In terms of making unconscious bias the main topic of research and inquiry for the past six months and being eager to learn more about things like confirmation, outcome, beauty, gender and negativity bias, this has helped me learn about my current and past relationships and how I dealt with situations. I am better equipped to help students, teachers, leaders and other people to recognise their own unconscious bias, and less likely to feel like an ‘imposter’, than if I had watched a couple of TED talks, read something on Wikipedia or Google-spiralled for an hour or so. I knew about unconscious bias before lockdown, but making this one of my micro mastery focal points has turbo charged my ability to apply my knowledge and understanding.

2. Curiosity

Neuroscience makes strong correlations between curiosity and long-term memory. When we are exposed to information whilst in a state of curiosity, we are more able to apply the knowledge and skills at a later date. Being in state of curiosity activates the limbic system in the brain and increases the release of dopamine which is helpful for focused attention and motivation.

Curiosity is associated with questioning, exploration, learning and discovery, all characteristics helpful for achieving goals and protecting good mental health.

There are associations with resilience when our curiosity is activated – we persevere, seek solutions and are less easily distracted – and curiosity is a close ally of creativity, awe and wonder. So why not spend at least three months or longer making curiosity your micro-mastery subject? Find out how it can enhance self-awareness and support good mental wellbeing. 

Learn how being curious can help you (or the people you wish to help) to understand cultures, religions, sexualities, gender identities and other characteristics that are less familiar to you, thereby mitigating against unconscious bias, suspicion, fear, anxiety, stereotyping and other responses unhelpful to good mental wellbeing and social relationships. Most of all, find out how curiosity, wonder and a zest for life can be rediscovered, switched-on and cultivated.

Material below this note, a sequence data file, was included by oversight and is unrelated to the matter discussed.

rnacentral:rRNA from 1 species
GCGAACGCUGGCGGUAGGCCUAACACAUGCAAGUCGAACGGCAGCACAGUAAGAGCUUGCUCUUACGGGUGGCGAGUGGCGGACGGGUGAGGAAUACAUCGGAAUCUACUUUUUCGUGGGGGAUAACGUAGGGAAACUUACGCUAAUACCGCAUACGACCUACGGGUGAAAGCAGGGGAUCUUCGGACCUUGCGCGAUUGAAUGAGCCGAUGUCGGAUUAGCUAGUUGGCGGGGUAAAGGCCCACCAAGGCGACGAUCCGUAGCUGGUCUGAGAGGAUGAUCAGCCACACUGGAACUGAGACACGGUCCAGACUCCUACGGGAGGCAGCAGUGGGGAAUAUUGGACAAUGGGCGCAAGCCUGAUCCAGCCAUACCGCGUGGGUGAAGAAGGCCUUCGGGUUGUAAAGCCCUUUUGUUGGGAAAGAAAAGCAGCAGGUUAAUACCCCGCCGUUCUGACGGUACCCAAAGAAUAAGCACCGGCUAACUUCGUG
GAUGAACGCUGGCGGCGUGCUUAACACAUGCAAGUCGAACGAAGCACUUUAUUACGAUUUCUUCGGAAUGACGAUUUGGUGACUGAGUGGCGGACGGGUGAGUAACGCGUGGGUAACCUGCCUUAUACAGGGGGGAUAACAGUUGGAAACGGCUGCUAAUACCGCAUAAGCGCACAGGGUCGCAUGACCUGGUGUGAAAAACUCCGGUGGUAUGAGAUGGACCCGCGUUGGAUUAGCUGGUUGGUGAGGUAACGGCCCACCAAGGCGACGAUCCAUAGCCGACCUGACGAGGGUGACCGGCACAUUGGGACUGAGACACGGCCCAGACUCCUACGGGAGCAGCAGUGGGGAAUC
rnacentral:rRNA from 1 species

3. Acceptance and Commitment

If I was sat on a rocking chair in the twilight of my life and some younger person came and asked me ‘what’s the most useful thing you have learned in your life’, it would probably be linked to acceptance and commitment; accept what has happened and commit to whatever you decide to do next.

Acceptance is not passive resignation, agreeing with or liking something that has happened or giving up. It is not a sign of weakness but an acknowledgement that something has happened and now I can choose what to do next: shall I forget about it, walk away, learn from it, distract myself, seek justice or try to build bridges? We cannot change something that has happened but we can try to make sense of it, decide what to do next and then commit to doing it.

In summary, curiosity, reflection, acceptance, commitment and action are what can really help support good mental wellbeing; it is not enough to know, we must also do.

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Qualified mental health support in schools: The School Mental Health Specialist​

Would you like to develop your expertise in student support and wellbeing? You could become the school mental health specialist of your school or college. Learn more here.